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    resources for japanese gardening 日本の園芸


Author Topic: Salt Lake  (Read 2572 times)

wanwien

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Salt Lake
« on: April 25, 2011, 03:59:31 PM »
Hi all,

I am from Salt Lake, Utah.  Always admire of Japanese culture and especially Japanese garden.  I have a large backyard with lot of potential and want to build the Japanese garden.  I hope to get lot of good tips and advices here.  Thanks.

don

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Re: Salt Lake
« Reply #1 on: April 25, 2011, 06:17:45 PM »
Welcome to the forum!  Always excited to see a new Japanese garden started!

JBaymore

  • Wilton, NH USA (Zone 4-5)
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Re: Salt Lake
« Reply #2 on: April 26, 2011, 08:25:25 AM »
Welcome.  It will be interesting to see what you do in that climate.  Are you down in the city proper or up in the foothills?

best,

................john

Jando

  • Northern Illinois
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Re: Salt Lake
« Reply #3 on: April 26, 2011, 09:22:44 AM »
Welcome to the forum, another opportunity to learn more and share.  Good luck and we will look forward to watching your garden develop.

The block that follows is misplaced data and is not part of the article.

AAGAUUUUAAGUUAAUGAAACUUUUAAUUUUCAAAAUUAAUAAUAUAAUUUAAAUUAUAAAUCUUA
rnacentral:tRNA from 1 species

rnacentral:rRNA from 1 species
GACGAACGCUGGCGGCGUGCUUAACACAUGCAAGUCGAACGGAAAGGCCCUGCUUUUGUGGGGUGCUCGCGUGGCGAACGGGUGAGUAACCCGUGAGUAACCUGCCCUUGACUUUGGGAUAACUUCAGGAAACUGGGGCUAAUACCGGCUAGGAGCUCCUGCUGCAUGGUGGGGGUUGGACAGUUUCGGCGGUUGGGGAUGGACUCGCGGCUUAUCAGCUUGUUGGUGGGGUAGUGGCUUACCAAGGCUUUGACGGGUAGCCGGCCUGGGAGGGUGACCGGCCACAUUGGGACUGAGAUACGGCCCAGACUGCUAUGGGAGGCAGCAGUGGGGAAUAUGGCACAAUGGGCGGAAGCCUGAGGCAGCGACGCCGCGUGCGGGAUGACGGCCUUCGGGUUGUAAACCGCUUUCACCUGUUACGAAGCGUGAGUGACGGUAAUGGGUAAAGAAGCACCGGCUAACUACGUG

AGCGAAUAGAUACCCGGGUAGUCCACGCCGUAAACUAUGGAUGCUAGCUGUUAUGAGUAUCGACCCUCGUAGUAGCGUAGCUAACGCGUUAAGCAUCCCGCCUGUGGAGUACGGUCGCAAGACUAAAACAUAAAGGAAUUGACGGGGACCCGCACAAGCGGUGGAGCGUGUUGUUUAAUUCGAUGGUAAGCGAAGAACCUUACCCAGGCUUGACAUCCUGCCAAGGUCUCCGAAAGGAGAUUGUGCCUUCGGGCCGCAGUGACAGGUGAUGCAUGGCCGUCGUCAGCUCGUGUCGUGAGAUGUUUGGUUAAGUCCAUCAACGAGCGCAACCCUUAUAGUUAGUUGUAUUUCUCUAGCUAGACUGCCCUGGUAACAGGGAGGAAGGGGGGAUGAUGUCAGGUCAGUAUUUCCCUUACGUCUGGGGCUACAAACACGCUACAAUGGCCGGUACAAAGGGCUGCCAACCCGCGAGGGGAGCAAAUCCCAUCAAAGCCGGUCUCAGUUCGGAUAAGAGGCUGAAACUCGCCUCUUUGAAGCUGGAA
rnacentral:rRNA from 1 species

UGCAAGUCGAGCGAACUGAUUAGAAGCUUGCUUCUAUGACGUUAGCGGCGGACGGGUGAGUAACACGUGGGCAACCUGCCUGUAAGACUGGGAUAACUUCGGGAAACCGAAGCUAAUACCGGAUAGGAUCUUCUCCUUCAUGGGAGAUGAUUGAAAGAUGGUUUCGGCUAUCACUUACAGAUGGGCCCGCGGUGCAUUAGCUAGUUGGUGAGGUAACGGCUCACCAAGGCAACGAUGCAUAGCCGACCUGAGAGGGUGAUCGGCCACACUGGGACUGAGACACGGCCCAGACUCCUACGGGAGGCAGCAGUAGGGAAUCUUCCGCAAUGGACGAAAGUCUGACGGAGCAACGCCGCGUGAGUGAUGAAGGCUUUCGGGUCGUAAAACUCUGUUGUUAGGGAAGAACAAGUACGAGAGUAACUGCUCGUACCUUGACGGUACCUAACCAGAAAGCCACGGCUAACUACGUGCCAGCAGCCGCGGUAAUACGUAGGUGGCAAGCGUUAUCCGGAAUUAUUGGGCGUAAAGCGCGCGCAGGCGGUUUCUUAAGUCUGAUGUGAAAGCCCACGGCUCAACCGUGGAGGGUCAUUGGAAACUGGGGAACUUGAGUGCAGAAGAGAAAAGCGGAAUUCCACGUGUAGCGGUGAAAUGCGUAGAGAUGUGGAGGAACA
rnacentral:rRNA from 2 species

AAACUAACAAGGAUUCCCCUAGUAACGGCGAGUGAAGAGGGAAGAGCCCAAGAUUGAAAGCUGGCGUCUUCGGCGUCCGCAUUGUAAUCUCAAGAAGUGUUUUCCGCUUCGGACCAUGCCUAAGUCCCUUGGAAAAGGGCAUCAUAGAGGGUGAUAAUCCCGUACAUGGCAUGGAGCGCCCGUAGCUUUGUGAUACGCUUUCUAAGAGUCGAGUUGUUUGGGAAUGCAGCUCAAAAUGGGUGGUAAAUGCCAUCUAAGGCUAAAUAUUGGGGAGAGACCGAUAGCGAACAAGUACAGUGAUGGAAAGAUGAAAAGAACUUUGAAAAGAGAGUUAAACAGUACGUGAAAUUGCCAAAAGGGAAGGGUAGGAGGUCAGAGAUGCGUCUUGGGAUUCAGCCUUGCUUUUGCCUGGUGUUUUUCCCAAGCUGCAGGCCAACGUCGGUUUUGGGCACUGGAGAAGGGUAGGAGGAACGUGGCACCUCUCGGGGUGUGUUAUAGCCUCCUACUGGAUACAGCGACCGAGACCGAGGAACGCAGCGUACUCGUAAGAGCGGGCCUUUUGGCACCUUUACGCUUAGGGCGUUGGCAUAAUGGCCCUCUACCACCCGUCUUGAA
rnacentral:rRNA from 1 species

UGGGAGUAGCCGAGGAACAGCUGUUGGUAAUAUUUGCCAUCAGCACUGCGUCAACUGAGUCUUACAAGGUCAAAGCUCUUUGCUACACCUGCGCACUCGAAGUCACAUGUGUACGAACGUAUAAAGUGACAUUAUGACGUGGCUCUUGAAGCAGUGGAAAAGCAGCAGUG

June

wanwien

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Re: Salt Lake
« Reply #4 on: April 26, 2011, 02:40:12 PM »
JBaymore,

I am in West Valley area about 15 minutes driving from the foothill area.

This semi arid climate here is quite the challenge to develop the Japanese garden.  I have the hard time just to find the materials and plants.

don

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Re: Salt Lake
« Reply #5 on: April 26, 2011, 04:47:37 PM »
A Japanese gardener would not use plants that did not do well in the area.  There are a couple of us that garden in arid climates that might be able to help you with plants and material selection when you are ready.  There is a list of hot & dry tough plants for Japanese gardens on website that might work for you - maybe at least a good place to start.  ; )

etehiver

  • Minnesota - zone 4
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Re: Salt Lake
« Reply #6 on: May 01, 2011, 04:54:15 PM »
Don's comment reminds me of a story I was recently told about a local Japanese garden here in Minnesota.  When the garden was first built, it contained Japanese maples and flowering cherries native to Japan.  Unfortunately, they didn't survive in our climate.

The garden was later replanted. The Japanese maple trees were replaced with Amur Maples (Acer ginnala), then Korean Maples (Acer pseudosieboldianum).  The cherries were replaced with Redbuds (Cercis canadensis 'Minnesota Strain'). These were local-hardy versions that thrived in our climate. It's still a Japanese garden even though the plants may not be typically found in Japan.

In addition to taking Don's very good advice and the list he's provided, you may also take a scouting trip to a reputable nursery/garden center near where you live.

Welcome to the forum!
Mark



 

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